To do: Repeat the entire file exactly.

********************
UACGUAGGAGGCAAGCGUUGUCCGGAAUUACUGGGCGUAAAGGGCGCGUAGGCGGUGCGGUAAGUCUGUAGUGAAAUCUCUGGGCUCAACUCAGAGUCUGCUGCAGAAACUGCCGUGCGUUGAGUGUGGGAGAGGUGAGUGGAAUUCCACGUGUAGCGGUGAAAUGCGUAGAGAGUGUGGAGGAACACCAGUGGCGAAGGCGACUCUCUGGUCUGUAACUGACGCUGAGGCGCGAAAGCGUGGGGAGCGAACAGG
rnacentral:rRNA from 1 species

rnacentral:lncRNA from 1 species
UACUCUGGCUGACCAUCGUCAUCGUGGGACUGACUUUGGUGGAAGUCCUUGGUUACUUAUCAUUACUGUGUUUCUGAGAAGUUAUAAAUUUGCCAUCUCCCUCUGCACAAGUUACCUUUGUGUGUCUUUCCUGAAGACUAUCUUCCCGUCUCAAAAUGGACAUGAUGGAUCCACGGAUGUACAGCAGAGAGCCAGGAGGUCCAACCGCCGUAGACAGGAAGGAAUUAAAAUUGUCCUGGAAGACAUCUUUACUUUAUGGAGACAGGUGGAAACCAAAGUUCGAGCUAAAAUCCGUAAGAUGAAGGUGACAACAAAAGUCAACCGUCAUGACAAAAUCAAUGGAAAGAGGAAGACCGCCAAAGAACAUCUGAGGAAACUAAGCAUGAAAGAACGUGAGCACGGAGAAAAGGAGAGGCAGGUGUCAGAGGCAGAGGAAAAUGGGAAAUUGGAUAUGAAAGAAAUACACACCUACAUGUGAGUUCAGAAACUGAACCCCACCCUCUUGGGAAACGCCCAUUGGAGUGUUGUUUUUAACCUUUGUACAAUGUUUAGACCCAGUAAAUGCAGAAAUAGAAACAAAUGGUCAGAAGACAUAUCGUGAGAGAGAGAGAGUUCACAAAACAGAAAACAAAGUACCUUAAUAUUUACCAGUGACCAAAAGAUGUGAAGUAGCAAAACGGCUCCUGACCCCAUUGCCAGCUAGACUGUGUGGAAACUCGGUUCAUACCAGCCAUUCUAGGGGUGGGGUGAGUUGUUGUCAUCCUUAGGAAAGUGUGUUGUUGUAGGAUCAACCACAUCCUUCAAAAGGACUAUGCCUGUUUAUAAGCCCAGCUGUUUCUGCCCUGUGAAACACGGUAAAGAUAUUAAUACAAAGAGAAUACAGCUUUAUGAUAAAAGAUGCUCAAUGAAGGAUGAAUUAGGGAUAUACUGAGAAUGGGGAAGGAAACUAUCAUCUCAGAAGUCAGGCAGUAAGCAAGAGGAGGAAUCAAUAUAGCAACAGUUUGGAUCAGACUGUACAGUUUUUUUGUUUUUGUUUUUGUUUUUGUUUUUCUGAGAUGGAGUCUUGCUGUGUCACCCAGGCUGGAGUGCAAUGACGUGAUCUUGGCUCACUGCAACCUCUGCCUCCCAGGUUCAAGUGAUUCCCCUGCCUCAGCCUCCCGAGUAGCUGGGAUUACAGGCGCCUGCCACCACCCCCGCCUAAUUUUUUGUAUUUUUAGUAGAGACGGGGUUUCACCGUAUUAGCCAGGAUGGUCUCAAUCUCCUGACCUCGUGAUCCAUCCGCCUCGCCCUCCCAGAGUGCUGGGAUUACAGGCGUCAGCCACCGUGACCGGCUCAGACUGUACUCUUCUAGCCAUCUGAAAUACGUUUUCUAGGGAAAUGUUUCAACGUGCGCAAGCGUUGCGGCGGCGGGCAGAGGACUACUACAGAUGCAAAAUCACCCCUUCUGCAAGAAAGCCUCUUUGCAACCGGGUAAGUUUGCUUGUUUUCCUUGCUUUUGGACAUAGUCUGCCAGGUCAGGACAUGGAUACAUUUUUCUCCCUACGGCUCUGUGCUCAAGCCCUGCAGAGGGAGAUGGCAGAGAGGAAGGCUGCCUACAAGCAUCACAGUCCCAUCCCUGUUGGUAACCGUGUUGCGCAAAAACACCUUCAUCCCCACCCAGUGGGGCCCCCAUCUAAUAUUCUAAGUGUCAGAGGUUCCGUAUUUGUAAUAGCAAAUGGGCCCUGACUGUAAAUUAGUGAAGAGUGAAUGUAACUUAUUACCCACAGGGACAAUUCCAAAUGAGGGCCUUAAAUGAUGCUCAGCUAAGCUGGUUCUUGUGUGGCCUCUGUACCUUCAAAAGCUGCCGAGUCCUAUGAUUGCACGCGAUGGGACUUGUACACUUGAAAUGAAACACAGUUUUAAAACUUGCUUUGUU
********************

UACGUAGGAGGCAAGCGUUGUCCGGAAUUACUGGGCGUAAAGGGCGCGUAGGCGGUGCGGUAAGUCUGUAGUGAAAUCUCUGGGCUCAACUCAGAGUCUGCUGCAGAAACUGCCGUGCGUUGAGUGUGGGAGAGGUGAGUGGAAUUCCACGUGUAGCGGUGAAAUGCGUAGAGAGUGUGGAGGAACACCAGUGGCGAAGGCGACUCUCUGGUCUGUAACUGACGCUGAGGCGCGAAAGCGUGGGGAGCGAACAGG
rnacentral:rRNA from 1 species

rnacentral:lncRNA from 1 species
UACUCUGGCUGACCAUCGUCAUCGUGGGACUGACUUUGGUGGAAGUCCUUGGUUACUUAUCAUUACUGUGUUUCUGAGAAGUUAUAAAUUUGCCAUCUCCCUCUGCACAAGUUACCUUUGUGUGUCUUUCCUGAAGACUAUCUUCCCGUCUCAAAAUGGACAUGAUGGAUCCACGGAUGUACAGCAGAGAGCCAGGAGGUCCAACCGCCGUAGACAGGAAGGAAUUAAAAUUGUCCUGGAAGACAUCUUUACUUUAUGGAGACAGGUGGAAACCAAAGUUCGAGCUAAAAUCCGUAAGAUGAAGGUGACAACAAAAGUCAACCGUCAUGACAAAAUCAAUGGAAAGAGGAAGACCGCCAAAGAACAUCUGAGGAAACUAAGCAUGAAAGAACGUGAGCACGGAGAAAAGGAGAGGCAGGUGUCAGAGGCAGAGGAAAAUGGGAAAUUGGAUAUGAAAGAAAUACACACCUACAUGUGAGUUCAGAAACUGAACCCCACCCUCUUGGGAAACGCCCAUUGGAGUGUUGUUUUUAACCUUUGUACAAUGUUUAGACCCAGUAAAUGCAGAAAUAGAAACAAAUGGUCAGAAGACAUAUCGUGAGAGAGAGAGAGUUCACAAAACAGAAAACAAAGUACCUUAAUAUUUACCAGUGACCAAAAGAUGUGAAGUAGCAAAACGGCUCCUGACCCCAUUGCCAGCUAGACUGUGUGGAAACUCGGUUCAUACCAGCCAUUCUAGGGGUGGGGUGAGUUGUUGUCAUCCUUAGGAAAGUGUGUUGUUGUAGGAUCAACCACAUCCUUCAAAAGGACUAUGCCUGUUUAUAAGCCCAGCUGUUUCUGCCCUGUGAAACACGGUAAAGAUAUUAAUACAAAGAGAAUACAGCUUUAUGAUAAAAGAUGCUCAAUGAAGGAUGAAUUAGGGAUAUACUGAGAAUGGGGAAGGAAACUAUCAUCUCAGAAGUCAGGCAGUAAGCAAGAGGAGGAAUCAAUAUAGCAACAGUUUGGAUCAGACUGUACAGUUUUUUUGUUUUUGUUUUUGUUUUUGUUUUUCUGAGAUGGAGUCUUGCUGUGUCACCCAGGCUGGAGUGCAAUGACGUGAUCUUGGCUCACUGCAACCUCUGCCUCCCAGGUUCAAGUGAUUCCCCUGCCUCAGCCUCCCGAGUAGCUGGGAUUACAGGCGCCUGCCACCACCCCCGCCUAAUUUUUUGUAUUUUUAGUAGAGACGGGGUUUCACCGUAUUAGCCAGGAUGGUCUCAAUCUCCUGACCUCGUGAUCCAUCCGCCUCGCCCUCCCAGAGUGCUGGGAUUACAGGCGUCAGCCACCGUGACCGGCUCAGACUGUACUCUUCUAGCCAUCUGAAAUACGUUUUCUAGGGAAAUGUUUCAACGUGCGCAAGCGUUGCGGCGGCGGGCAGAGGACUACUACAGAUGCAAAAUCACCCCUUCUGCAAGAAAGCCUCUUUGCAACCGGGUAAGUUUGCUUGUUUUCCUUGCUUUUGGACAUAGUCUGCCAGGUCAGGACAUGGAUACAUUUUUCUCCCUACGGCUCUGUGCUCAAGCCCUGCAGAGGGAGAUGGCAGAGAGGAAGGCUGCCUACAAGCAUCACAGUCCCAUCCCUGUUGGUAACCGUGUUGCGCAAAAACACCUUCAUCCCCACCCAGUGGGGCCCCCAUCUAAUAUUCUAAGUGUCAGAGGUUCCGUAUUUGUAAUAGCAAAUGGGCCCUGACUGUAAAUUAGUGAAGAGUGAAUGUAACUUAUUACCCACAGGGACAAUUCCAAAUGAGGGCCUUAAAUGAUGCUCAGCUAAGCUGGUUCUUGUGUGGCCUCUGUACCUUCAAAAGCUGCCGAGUCCUAUGAUUGCACGCGAUGGGACUUGUACACUUGAAAUGAAACACAGUUUUAAAACUUGCUUUGUU